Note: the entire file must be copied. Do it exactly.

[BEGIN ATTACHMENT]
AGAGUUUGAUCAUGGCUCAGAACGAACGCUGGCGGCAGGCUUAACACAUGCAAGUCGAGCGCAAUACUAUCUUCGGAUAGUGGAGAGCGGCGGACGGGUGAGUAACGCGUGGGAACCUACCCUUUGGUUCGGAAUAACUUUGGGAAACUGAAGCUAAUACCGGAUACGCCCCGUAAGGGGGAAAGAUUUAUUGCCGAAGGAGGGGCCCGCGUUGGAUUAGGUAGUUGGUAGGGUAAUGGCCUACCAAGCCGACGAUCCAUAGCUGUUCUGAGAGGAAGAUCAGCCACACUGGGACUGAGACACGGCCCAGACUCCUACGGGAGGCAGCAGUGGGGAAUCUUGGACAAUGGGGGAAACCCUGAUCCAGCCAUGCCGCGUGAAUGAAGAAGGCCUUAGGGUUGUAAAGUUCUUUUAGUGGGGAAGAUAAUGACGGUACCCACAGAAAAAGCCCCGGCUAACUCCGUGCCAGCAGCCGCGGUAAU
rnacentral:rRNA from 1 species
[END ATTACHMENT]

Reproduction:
AGAGUUUGAUCAUGGCUCAGAACGAACGCUGGCGGCAGGCUUAACACAUGCAAGUCGAGCGCAAUACUAUCUUCGGAUAGUGGAGAGCGGCGGACGGGUGAGUAACGCGUGGGAACCUACCCUUUGGUUCGGAAUAACUUUGGGAAACUGAAGCUAAUACCGGAUACGCCCCGUAAGGGGGAAAGAUUUAUUGCCGAAGGAGGGGCCCGCGUUGGAUUAGGUAGUUGGUAGGGUAAUGGCCUACCAAGCCGACGAUCCAUAGCUGUUCUGAGAGGAAGAUCAGCCACACUGGGACUGAGACACGGCCCAGACUCCUACGGGAGGCAGCAGUGGGGAAUCUUGGACAAUGGGGGAAACCCUGAUCCAGCCAUGCCGCGUGAAUGAAGAAGGCCUUAGGGUUGUAAAGUUCUUUUAGUGGGGAAGAUAAUGACGGUACCCACAGAAAAAGCCCCGGCUAACUCCGUGCCAGCAGCCGCGGUAAU
rnacentral:rRNA from 1 species